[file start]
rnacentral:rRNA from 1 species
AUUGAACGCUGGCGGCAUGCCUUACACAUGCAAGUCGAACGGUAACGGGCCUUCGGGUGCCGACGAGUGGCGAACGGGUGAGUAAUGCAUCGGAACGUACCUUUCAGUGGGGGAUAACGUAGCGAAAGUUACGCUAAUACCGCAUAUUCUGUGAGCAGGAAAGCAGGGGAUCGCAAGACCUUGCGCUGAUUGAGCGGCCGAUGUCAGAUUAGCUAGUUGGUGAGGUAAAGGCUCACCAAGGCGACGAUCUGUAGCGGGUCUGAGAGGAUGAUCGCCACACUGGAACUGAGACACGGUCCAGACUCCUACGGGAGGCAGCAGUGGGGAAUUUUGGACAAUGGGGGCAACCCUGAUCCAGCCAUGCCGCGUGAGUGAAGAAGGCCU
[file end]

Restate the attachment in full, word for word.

rnacentral:rRNA from 1 species
AUUGAACGCUGGCGGCAUGCCUUACACAUGCAAGUCGAACGGUAACGGGCCUUCGGGUGCCGACGAGUGGCGAACGGGUGAGUAAUGCAUCGGAACGUACCUUUCAGUGGGGGAUAACGUAGCGAAAGUUACGCUAAUACCGCAUAUUCUGUGAGCAGGAAAGCAGGGGAUCGCAAGACCUUGCGCUGAUUGAGCGGCCGAUGUCAGAUUAGCUAGUUGGUGAGGUAAAGGCUCACCAAGGCGACGAUCUGUAGCGGGUCUGAGAGGAUGAUCGCCACACUGGAACUGAGACACGGUCCAGACUCCUACGGGAGGCAGCAGUGGGGAAUUUUGGACAAUGGGGGCAACCCUGAUCCAGCCAUGCCGCGUGAGUGAAGAAGGCCU